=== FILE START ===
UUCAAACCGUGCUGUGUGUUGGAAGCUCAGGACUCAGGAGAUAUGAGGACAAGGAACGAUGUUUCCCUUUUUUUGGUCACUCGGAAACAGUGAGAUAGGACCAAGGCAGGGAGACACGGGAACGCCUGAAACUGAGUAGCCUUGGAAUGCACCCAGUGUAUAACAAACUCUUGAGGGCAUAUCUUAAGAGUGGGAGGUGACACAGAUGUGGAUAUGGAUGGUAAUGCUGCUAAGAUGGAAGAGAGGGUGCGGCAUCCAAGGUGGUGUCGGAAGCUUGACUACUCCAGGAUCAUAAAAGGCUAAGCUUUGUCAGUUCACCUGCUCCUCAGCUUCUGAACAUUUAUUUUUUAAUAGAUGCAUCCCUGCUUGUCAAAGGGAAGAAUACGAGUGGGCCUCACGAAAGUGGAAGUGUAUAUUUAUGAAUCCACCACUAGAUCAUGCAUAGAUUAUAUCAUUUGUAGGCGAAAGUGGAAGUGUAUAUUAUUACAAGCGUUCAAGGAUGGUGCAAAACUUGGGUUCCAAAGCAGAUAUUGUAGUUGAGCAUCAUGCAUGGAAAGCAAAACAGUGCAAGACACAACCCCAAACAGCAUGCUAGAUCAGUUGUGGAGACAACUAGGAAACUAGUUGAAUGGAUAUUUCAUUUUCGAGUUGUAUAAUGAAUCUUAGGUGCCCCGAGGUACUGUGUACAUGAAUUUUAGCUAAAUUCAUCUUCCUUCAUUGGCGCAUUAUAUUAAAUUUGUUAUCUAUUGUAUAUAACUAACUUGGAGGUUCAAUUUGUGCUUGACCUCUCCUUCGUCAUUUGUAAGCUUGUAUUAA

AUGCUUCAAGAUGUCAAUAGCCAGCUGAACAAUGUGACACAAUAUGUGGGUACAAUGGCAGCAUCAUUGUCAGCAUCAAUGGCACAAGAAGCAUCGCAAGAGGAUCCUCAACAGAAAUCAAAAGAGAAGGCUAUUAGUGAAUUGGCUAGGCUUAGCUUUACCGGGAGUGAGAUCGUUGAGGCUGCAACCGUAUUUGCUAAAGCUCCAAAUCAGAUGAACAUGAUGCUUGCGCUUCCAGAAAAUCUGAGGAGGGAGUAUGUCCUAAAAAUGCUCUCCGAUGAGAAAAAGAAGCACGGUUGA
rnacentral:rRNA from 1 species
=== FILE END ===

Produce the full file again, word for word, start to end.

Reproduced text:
UUCAAACCGUGCUGUGUGUUGGAAGCUCAGGACUCAGGAGAUAUGAGGACAAGGAACGAUGUUUCCCUUUUUUUGGUCACUCGGAAACAGUGAGAUAGGACCAAGGCAGGGAGACACGGGAACGCCUGAAACUGAGUAGCCUUGGAAUGCACCCAGUGUAUAACAAACUCUUGAGGGCAUAUCUUAAGAGUGGGAGGUGACACAGAUGUGGAUAUGGAUGGUAAUGCUGCUAAGAUGGAAGAGAGGGUGCGGCAUCCAAGGUGGUGUCGGAAGCUUGACUACUCCAGGAUCAUAAAAGGCUAAGCUUUGUCAGUUCACCUGCUCCUCAGCUUCUGAACAUUUAUUUUUUAAUAGAUGCAUCCCUGCUUGUCAAAGGGAAGAAUACGAGUGGGCCUCACGAAAGUGGAAGUGUAUAUUUAUGAAUCCACCACUAGAUCAUGCAUAGAUUAUAUCAUUUGUAGGCGAAAGUGGAAGUGUAUAUUAUUACAAGCGUUCAAGGAUGGUGCAAAACUUGGGUUCCAAAGCAGAUAUUGUAGUUGAGCAUCAUGCAUGGAAAGCAAAACAGUGCAAGACACAACCCCAAACAGCAUGCUAGAUCAGUUGUGGAGACAACUAGGAAACUAGUUGAAUGGAUAUUUCAUUUUCGAGUUGUAUAAUGAAUCUUAGGUGCCCCGAGGUACUGUGUACAUGAAUUUUAGCUAAAUUCAUCUUCCUUCAUUGGCGCAUUAUAUUAAAUUUGUUAUCUAUUGUAUAUAACUAACUUGGAGGUUCAAUUUGUGCUUGACCUCUCCUUCGUCAUUUGUAAGCUUGUAUUAA

AUGCUUCAAGAUGUCAAUAGCCAGCUGAACAAUGUGACACAAUAUGUGGGUACAAUGGCAGCAUCAUUGUCAGCAUCAAUGGCACAAGAAGCAUCGCAAGAGGAUCCUCAACAGAAAUCAAAAGAGAAGGCUAUUAGUGAAUUGGCUAGGCUUAGCUUUACCGGGAGUGAGAUCGUUGAGGCUGCAACCGUAUUUGCUAAAGCUCCAAAUCAGAUGAACAUGAUGCUUGCGCUUCCAGAAAAUCUGAGGAGGGAGUAUGUCCUAAAAAUGCUCUCCGAUGAGAAAAAGAAGCACGGUUGA
rnacentral:rRNA from 1 species